Backyard chickens are often the gateway animal to the hobby farm of your dreams. Maybe you start with a few cute baby chicks, but before you know it, your backyard will look like Old McDonald’s farm!
Introducing new animals is a big, but exciting step. Identifying your goals and available resources such as time, facilities, pasture and money can help make the transition a smooth one. Here are some hobby farming ideas to consider when choosing new additions to your brood.
Turkeys, ducks, geese and more!
If you’re already a backyard chicken enthusiast, adding different poultry species may be for you! Turkeys
produce great-tasting eggs and meat. They require a spacious outdoor area with predator-proof fencing. Ducks
and geese make wonderful companion animals and help control insects and weeds while providing you with delicious eggs. They are happiest in a grassy area, and while not required, they enjoy a swimming pond or pool. Turkeys, ducks and geese are a great way to start if you’re looking for new hobby farming ideas.
like peacocks, quail and pheasants can be a fun, unique addition to your hobby farm. They can provide fresh eggs, meat, colorful feathers and companionship. They can also be raised for release programs. Game birds do best when provided with a spacious coop and plenty of room in an enclosed outdoor space.
Have fun with backyard goats
Want to expand beyond birds? Goats
are curious, playful and social animals – you can’t just have one! In addition to the daily entertainment, they can provide many great products your family can use like milk, cheese and soap.
The biggest challenge is learning how to build a goat pen your new companions can’t escape. Chain link fence, woven wire or hog panels set at ground level can work nicely. Plan for a minimum of 15-by-15 feet of space per pair of goats. The more space for them to move, the better for their overall health and well-being. Don’t forget to include items for goats to climb or jump from – it will not only provide entertainment for the goats, but for you as well.
It's also a common misconception that goats will eat anything; quality nutrition is vital. Each day, goats need to eat 3% of their body weight in forage, such as hay or grass, and will require high-fiber, low-energy goat feed and free-choice loose mineral.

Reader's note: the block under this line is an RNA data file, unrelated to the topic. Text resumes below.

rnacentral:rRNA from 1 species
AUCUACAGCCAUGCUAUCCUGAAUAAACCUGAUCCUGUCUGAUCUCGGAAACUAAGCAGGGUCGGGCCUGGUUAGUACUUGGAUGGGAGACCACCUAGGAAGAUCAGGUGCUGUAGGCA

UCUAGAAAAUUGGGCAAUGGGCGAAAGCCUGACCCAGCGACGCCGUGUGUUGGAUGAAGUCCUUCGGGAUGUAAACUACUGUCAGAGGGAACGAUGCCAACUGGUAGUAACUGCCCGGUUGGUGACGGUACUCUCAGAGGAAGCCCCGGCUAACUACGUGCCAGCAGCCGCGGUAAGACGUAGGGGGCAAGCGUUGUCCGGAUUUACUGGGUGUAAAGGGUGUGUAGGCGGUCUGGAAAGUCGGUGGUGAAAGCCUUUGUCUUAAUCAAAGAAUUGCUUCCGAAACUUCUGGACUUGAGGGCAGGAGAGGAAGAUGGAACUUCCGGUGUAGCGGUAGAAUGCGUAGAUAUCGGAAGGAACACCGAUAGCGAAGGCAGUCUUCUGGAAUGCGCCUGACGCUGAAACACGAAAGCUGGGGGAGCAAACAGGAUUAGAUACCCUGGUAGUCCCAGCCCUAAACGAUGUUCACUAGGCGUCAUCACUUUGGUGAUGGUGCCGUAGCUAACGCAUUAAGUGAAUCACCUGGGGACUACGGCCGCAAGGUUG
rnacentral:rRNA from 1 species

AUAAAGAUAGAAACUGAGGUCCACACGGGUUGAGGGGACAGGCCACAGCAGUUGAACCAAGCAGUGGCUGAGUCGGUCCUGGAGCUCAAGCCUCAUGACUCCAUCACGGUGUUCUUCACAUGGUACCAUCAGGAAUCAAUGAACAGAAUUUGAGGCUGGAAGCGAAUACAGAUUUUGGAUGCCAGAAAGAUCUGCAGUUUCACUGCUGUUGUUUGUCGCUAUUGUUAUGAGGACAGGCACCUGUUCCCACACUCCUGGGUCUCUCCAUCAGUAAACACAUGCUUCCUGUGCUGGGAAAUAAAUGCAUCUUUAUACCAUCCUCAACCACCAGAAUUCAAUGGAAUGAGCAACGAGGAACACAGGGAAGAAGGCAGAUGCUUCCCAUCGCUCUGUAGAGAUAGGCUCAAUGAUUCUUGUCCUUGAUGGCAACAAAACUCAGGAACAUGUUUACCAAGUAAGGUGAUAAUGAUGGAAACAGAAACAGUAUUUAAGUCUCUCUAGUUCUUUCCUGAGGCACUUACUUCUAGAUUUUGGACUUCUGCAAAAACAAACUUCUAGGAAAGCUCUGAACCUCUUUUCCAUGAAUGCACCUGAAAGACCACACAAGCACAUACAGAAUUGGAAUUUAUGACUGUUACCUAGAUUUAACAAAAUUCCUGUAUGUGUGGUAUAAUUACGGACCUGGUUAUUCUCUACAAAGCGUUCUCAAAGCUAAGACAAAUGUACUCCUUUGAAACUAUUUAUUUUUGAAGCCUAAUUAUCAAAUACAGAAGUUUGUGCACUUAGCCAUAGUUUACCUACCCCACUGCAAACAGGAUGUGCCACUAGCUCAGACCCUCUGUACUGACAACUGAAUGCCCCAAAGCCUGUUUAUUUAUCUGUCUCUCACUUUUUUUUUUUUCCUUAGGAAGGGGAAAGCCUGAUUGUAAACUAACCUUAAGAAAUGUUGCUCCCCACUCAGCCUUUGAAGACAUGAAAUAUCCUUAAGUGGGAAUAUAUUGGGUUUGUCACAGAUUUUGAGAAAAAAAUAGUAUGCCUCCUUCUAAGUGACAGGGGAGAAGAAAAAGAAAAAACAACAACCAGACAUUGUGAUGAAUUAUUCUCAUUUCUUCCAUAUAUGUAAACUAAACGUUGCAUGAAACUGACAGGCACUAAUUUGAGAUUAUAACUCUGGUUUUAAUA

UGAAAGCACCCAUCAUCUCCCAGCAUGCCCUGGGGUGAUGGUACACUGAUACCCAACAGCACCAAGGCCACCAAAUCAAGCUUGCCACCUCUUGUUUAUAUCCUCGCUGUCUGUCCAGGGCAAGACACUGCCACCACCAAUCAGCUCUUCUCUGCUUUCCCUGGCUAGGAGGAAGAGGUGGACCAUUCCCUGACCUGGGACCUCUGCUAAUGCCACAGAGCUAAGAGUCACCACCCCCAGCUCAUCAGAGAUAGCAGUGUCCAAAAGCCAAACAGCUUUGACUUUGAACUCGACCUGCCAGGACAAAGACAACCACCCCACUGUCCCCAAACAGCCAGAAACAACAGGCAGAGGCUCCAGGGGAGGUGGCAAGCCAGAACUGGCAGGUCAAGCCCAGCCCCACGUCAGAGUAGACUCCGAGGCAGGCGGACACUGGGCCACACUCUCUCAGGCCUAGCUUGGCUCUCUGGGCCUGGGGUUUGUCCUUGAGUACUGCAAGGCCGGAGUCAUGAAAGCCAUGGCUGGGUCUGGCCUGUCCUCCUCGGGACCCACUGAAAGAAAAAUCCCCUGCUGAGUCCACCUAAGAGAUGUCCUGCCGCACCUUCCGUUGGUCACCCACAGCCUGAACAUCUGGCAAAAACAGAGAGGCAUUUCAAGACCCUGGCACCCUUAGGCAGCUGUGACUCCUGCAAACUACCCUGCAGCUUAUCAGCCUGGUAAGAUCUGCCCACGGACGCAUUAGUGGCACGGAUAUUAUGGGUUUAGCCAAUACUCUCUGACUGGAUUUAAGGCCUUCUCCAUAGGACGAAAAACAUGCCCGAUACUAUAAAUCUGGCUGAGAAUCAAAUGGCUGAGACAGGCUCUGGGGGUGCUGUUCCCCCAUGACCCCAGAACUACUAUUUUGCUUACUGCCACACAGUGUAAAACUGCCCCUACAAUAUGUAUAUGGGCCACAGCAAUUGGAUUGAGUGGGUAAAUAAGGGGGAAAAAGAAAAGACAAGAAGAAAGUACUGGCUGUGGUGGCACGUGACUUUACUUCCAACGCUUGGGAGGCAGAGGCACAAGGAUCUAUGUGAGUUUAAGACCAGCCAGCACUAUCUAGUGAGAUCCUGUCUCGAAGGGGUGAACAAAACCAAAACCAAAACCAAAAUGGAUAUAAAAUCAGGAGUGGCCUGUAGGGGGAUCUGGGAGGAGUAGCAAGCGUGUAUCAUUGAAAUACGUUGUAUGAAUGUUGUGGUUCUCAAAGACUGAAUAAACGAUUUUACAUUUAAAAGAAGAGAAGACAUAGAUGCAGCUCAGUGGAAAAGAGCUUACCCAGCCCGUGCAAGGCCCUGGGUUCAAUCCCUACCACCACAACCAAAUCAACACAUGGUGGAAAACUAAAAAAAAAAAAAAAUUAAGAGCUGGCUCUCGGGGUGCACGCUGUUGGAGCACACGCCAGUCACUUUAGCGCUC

The pros of having rabbits
Backyard rabbits don’t require much time, space or money to raise but serve many purposes. They’re great for pets, 4-H projects, wool or meat. Some pros of having rabbits: rabbit manure is the garden gold of fertilizer. Rabbit droppings don’t require composting, break down slowly over time and help improve soil stability.
There are a variety of housing options for rabbits. The types of rabbit housing aren’t important, as long as they provide protection from predators. The shelter should also have ample shade and ventilation, as extreme heat can be problematic.
Learn a lot by raising pigs
Raising pigs can be an excellent project for a family. They’re remarkably smart and personable and provide companionship or delicious pork. Unlike other farm animals, pigs don’t do well with leashes or collars, so be prepared with tools like sorting boards or rattle paddles to guide your pig. Pigs are fast learners, and these tools
work best when you work with them daily and they are comfortable around you.
Small, frequent meals keep pigs feeling satisfied and comfortable. Self-feeders are a good option so pigs can eat on demand and automatic nipple waterers ensure a steady flow of water with minimal waste.
One warning: pigs create a lot of manure. Plan to compost their waste, including manure, bedding and feed, or find a commercial composter to take it.
Growing your hobby farm is an exciting time, and being prepared will make the process more enjoyable for you and your animals. Get more hobby farming ideas and tips from our experts by signing up for our management tips